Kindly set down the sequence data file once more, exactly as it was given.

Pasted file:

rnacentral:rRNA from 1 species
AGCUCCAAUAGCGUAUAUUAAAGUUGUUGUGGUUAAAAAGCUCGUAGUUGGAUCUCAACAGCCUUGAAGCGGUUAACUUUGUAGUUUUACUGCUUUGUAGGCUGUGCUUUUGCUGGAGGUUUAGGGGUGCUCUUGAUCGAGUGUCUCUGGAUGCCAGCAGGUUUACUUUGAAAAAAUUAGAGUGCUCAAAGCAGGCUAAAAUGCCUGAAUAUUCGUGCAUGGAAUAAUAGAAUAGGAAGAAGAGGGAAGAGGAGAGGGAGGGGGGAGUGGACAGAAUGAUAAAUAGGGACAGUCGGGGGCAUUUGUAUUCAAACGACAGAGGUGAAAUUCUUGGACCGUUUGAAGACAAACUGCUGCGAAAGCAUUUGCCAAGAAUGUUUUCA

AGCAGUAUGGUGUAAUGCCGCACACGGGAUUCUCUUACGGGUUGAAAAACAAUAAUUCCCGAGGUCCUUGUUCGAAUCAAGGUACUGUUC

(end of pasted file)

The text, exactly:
rnacentral:rRNA from 1 species
AGCUCCAAUAGCGUAUAUUAAAGUUGUUGUGGUUAAAAAGCUCGUAGUUGGAUCUCAACAGCCUUGAAGCGGUUAACUUUGUAGUUUUACUGCUUUGUAGGCUGUGCUUUUGCUGGAGGUUUAGGGGUGCUCUUGAUCGAGUGUCUCUGGAUGCCAGCAGGUUUACUUUGAAAAAAUUAGAGUGCUCAAAGCAGGCUAAAAUGCCUGAAUAUUCGUGCAUGGAAUAAUAGAAUAGGAAGAAGAGGGAAGAGGAGAGGGAGGGGGGAGUGGACAGAAUGAUAAAUAGGGACAGUCGGGGGCAUUUGUAUUCAAACGACAGAGGUGAAAUUCUUGGACCGUUUGAAGACAAACUGCUGCGAAAGCAUUUGCCAAGAAUGUUUUCA

AGCAGUAUGGUGUAAUGCCGCACACGGGAUUCUCUUACGGGUUGAAAAACAAUAAUUCCCGAGGUCCUUGUUCGAAUCAAGGUACUGUUC